A beautiful illustration from The Pictorial Times in 1847, of the chapel in the West London Cemetery. The cemetery's better known today as Brompton. The picture is accompanied by a wonderful article about the miasmic theory of disease and how the new, hygienic cemetery will prevent bad air infecting the living. I'm missing the first part of the article, so as soon as I've been to Colindale to get it, I'll post the whole thing.
General Cemetery Company, Kensall-Green, Harrow Road. The Directors hereby inform the public, that the cemetery is now ready for interments. The ground has been surrounded by a lofty wall and duly consecrated by the Lord Bishop of London. A spacious catacomb has been constructed, with accomodation in separate chambers for families, or a depository for an individual as may be required, and mausoleums, vaults or common graves may be treated for at the office, on Great Russell street. A regular register will be kept, by which coffins deposited in the catacombs may be at any time visited or inspected by relatives of the deceased and the Directors offer the fullest security against exhumation or any other disturbance of the solemnity of the grave. The terms for the sale of the catacombs, as well as the vaults and graves will be found on enquiry to be considerably below the prices usually charged. All communications to be made at the office, 95 Great Russell street, Bloomsbury to Mr Bowman, the Clerk of the Company, who will give every information that may be required.
C B BOWMAN, Clerk of the Company, 95 Great Russell street, Bloomsbury
I can't help thinking there's mixed messaging here. It's secure and you can have your own chamber in the catacombs... but it's also cheap. If I'd been selling it, I'd've made it expensive, and exclusive, at least at launch: I wouldn't have mentioned common graves in that copy at all.
One of my favourite memorials anywhere: it's just stunning. It commemorates Lady Ann Henniker who died in 1792, and is made from Coade stone, a kind of ceramic which allowed the creation of large, detailed cast sculptures.
More importantly (for me right now), it's on my old hard drive, which also has all my old cemetery photographs on it, and has been restored to working order. All the old cem pictures are going back on this blog, so you'll see the post count increase dramatically over the next couple of days. I'm filing them under "2002" (the actual dates are between 2002 and 2005 but I don't know what they are... just the order in which I visited cemeteries), so they'll show up in the archives but not on the front page. The list of cemeteries has the full count.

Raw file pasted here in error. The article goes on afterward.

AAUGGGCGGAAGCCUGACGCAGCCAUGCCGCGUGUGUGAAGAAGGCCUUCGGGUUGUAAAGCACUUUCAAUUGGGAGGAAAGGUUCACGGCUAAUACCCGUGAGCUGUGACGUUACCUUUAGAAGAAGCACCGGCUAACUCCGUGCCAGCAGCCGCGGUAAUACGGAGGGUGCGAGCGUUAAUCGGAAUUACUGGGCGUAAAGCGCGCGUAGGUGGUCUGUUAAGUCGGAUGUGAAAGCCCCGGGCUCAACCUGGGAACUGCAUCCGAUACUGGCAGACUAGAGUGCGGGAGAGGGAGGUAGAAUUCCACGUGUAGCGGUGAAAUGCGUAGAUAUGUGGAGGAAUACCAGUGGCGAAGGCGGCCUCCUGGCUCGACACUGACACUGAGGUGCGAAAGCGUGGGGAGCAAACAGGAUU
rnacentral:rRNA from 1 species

I'm happy to say, I think I've become a much better photographer over the last few years. Starting from such a low base, I'm not convinced that's saying much...
As the workmen employed in clearing away the ground in St. Martin's-le-Grand, which is to form the site of the new Post-office, were a day or two ago removing the foundations of the old houses which stood in the rear of St. Leonard's-Fester lane, they discovered the roofs of some ancient vaults. As soon as the rubbish on the particular spot was removed, three vaults were discovered, each communicating with the other by a narrow passage or gallery; they are built chiefly of large square bricks, intermixed with stone and some flint, and the interstices filled with a yellow chalky earth. They are rather spacious, the height being nearly nine feet, the depth about eighteen and the breadth about six or seven. They appear to have been each originally divided into two compartments. In the back of one of the vaults was found a large quantity of human bones, thrown promiscuously together, as if collected from different graves. In one of them is a stone coffin, rather short in length, made in the shape of the ancient coffins, square in the head, and inclining in a tapering form towards the feet; a place is rather rudely shaped for the head of the body to rest upon, and the remains of a skull and some decayed bones are in the cavity. Adjoining, and in the same line with these arches, is a vaulted roof, supported by small and short stone shafts or pillars, from which spring semicircular arches, intersecting each other at equidistant points, and presenting to the eye the skeleton of a structure, at once simple, durable and beautiful. The subdivisions of the intercolumniation [sic] were evidently open when built, and so arranged as to admit a communication with other parts of a building. The floor of these vaults is about 29 feet below the pavement in Newgate-street, the loose ground on the same level bears all the appearance of having once been a cemetery, from the fragments and calcined parts of bones intermixed with soft earth which are observable in the vicinity. Continue reading →